In any event, Mathiessen’s book of Zen journals has several passages of very clear exposition of Zen principles, but much of this — as one would expect from a journal — emerges from very fine-grained and small scale descriptions of the writer’s interactions with his teachers and — especially in the third section of the book — his travels around Japan visiting various Soto temples. This final part contains some of the best “Zen writing” but also tends to get lost in paragraphs of landscape painting and descriptions of peripheral Soto places & personalities. My own preference is for Mathiessen’s historical anecdotes, as opposed to his contemporary accounts. For instance, in Chapter 11, visiting the Engaku-ji Temple in Kamakura, he relates the story of the 13th century nun Chiyono, who attained enlightenment while hauling water. Apparently, she had been studying a long time without experiencing kensho, but one evening her wooden bucket gave way & she “understood the great matter,” to paraphrase Master Dogen. To commemorate the event, she wrote a poem:
In this way and that I tried to save the old pail
Since the bamboo strip was weakening and about to break
Until at last the bottom fell out.
No more water in the pail!
No more moon in the water!
I stopped blogging last summer — not really consciously — because I was doing so much reading. I must have read a dozen books in July & August about cosmology & quantum physics & I may write something about those before long. Basically, what I learned is that there are more things in heaven and earth than are dreamed of in your philosophy. But mostly I’ve been reading fiction & in particular Henry James. I started with The American, then in quick succession read Washington Square (which I had read before), Portrait of a Lady, & The Ambassadors. I mixed in some of the shorter tales as I went along, including “The Figure in the Carpet” & a rereading of “The Jolly Corner.” I’m probably forgetting a few. And yesterday I finished Edel’s one-volume version of his massive five-volume biography. Along the way I read David Lodge’s Author, Author, which takes as its subject a five year period in James’s middle years in which he attempted without much success to write for the stage. Along the way I read Lodge’s essay, “Consciousness and the Novel,” which is mostly motivated by a concern for understanding James’s depiction of personality, though it ranges into modern neuroscience and philosophy as well. About half-way through the sequence just noted, I paused to read Charles Dickens’ Our Mutual Friend in order to see what the novel had looked like in the decade before James.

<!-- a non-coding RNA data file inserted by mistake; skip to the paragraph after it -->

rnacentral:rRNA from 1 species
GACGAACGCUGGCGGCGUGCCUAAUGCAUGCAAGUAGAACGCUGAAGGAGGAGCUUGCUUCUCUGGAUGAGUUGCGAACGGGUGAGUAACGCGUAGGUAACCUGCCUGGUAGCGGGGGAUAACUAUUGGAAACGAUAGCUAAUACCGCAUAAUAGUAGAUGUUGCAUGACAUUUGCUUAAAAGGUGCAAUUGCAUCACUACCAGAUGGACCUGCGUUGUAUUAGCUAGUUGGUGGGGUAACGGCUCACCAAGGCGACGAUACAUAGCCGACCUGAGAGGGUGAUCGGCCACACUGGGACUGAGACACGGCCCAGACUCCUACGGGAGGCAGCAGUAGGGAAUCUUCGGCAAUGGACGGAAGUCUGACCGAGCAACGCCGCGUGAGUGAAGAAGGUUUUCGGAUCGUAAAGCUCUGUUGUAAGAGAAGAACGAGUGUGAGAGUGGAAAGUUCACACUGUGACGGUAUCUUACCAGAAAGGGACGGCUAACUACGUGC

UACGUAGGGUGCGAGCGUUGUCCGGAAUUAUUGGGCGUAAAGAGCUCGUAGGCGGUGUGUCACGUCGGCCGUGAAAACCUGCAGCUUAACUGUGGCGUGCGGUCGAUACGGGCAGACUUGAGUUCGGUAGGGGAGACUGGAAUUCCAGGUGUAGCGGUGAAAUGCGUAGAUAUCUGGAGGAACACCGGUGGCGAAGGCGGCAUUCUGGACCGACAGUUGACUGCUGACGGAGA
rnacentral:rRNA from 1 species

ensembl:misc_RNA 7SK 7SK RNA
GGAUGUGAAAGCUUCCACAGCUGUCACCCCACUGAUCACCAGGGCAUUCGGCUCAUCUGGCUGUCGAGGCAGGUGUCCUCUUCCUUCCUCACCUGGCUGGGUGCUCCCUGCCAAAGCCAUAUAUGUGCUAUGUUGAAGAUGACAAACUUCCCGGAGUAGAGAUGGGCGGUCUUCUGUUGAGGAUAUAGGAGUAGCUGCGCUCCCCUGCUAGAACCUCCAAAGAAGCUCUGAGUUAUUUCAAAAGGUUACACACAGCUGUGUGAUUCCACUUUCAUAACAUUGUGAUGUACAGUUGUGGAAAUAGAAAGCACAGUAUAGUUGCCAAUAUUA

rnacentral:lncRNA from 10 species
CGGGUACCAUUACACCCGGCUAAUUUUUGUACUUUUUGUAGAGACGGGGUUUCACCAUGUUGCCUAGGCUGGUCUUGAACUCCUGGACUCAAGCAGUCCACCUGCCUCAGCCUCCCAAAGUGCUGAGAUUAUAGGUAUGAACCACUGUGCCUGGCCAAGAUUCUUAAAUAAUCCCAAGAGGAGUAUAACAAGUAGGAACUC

And that was just one little piece of my reading in recent months. I think I’ll be using the blog in the near future to review a good deal of this recent reading, returning to the original impulse under which I started blogging, which was to record a writer’s notes on his reading.